The HPC software stack proved easier than one might expect. “We ported on Monte Cimone all the essential services needed for running HPC workloads in a production environment, namely NFS, LDAP and the SLURM job scheduler. Porting all the necessary software packages to RISC-V was relatively straightforward, and we can hence claim that there is no obstacle in exposing Monte Cimone as a computing resource in a HPC facility,” the team noted.
While it’s a noteworthy architectural addition to the supercomputing ranks, a RISC-V cluster like this is unlikely to make it onto the Top 500 list of the world’s fastest systems. Its design spec is as a low-power workhorse, not a floating point monster.
As the development team notes in their detailed description of the system, “Monte Cimone does not aim to achieve strong floating-point performance, but it was built with the purpose of “priming the pipe” and exploring the challenges of integrating a multi-node RISC-V cluster capable of providing an HPC production stack including interconnect, storage and power monitoring infrastructure on RISC-V hardware.”
E4 Computer Engineering served as the integrator and partner on the “Monte Cimone” cluster, which will eventually be This will pave the way for further testing of the RISC-V platform itself along with its ability to play well with other architectures, an important element since we are not likely to see an exascale-class RISC-V system in the next few years at least.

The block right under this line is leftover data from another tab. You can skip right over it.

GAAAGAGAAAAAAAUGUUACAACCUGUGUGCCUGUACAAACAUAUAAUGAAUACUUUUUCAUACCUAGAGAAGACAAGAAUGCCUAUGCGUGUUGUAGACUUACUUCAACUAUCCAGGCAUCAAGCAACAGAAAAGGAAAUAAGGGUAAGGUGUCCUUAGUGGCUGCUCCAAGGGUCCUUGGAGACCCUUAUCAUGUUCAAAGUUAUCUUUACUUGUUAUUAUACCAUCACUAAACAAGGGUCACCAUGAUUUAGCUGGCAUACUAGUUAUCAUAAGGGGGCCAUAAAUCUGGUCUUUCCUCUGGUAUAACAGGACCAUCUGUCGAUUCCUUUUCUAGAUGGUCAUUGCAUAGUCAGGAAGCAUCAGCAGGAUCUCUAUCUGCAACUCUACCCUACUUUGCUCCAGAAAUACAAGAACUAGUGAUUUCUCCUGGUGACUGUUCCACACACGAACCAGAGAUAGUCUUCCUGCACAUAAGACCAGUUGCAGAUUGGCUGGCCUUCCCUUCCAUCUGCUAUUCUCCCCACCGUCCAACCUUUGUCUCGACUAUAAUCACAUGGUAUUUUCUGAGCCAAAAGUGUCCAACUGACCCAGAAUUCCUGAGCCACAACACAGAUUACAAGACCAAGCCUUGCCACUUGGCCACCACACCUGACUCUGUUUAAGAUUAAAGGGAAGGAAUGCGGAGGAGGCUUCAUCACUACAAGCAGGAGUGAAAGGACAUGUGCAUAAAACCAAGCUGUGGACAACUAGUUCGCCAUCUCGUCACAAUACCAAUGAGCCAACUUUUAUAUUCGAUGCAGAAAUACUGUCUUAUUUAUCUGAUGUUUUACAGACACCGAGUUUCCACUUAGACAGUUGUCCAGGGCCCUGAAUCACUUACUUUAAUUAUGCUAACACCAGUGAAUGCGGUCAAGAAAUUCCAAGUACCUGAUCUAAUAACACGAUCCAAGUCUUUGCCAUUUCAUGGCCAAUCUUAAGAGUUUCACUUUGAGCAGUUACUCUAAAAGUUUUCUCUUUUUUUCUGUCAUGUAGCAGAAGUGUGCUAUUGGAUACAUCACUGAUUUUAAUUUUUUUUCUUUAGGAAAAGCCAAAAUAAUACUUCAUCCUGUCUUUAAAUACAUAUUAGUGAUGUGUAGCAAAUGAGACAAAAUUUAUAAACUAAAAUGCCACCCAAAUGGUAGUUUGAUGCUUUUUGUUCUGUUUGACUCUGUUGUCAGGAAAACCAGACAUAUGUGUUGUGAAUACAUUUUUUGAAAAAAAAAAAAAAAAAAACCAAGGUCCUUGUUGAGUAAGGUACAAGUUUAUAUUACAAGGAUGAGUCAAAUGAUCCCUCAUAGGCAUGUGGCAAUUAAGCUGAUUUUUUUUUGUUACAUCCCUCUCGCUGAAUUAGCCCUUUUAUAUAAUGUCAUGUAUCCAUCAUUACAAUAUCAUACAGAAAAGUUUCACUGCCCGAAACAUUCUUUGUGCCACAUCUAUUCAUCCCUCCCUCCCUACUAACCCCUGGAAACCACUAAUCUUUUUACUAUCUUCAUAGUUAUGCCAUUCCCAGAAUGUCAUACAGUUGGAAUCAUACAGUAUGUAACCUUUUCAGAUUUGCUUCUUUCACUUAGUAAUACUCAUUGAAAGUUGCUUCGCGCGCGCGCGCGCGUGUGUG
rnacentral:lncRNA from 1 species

According to E4, “Cimone enables developers to test and validate scientific and engineering workloads in a rich software stack, including development tools, libraries for message-passing programming, BLAS, FFT, drivers for HS networks and I/O devices. The objective is to achieve a future-ready position capable of addressing and leveraging the features of the RISC-V ISA for scientific and engineering applications and workloads in an operational environment.”
Dr Daniele Cesarini, HPC Specialist at CINECA: “As a supercomputing center, we are very interested in the RISC-V technology to support the scientific community. We are excited to contribute to the RISC-V ecosystem supporting the installation and tuning of widely-used scientific codes and mathematical libraries to push forward the development of high-performance RISC-V CPUs. We believe that Monte CIMONE will be the harbinger of the next generation of supercomputers based on RISC-V technology and we will continue to work in synergy with E4 Computer Engineering and the Università di Bologna to prove that RISC-V is ready to stay on the shoulder of the HPC giants.”
There is plenty of RISC-V in Europe funding and project-wise, although the fruits of those labors could take years to see. Now, even Intel is eyeing for the future of supercomputing. It’s all a RISC-Y (you saw that coming) bet, but with few native architectural options in Europe, at least picking an early winner is easy.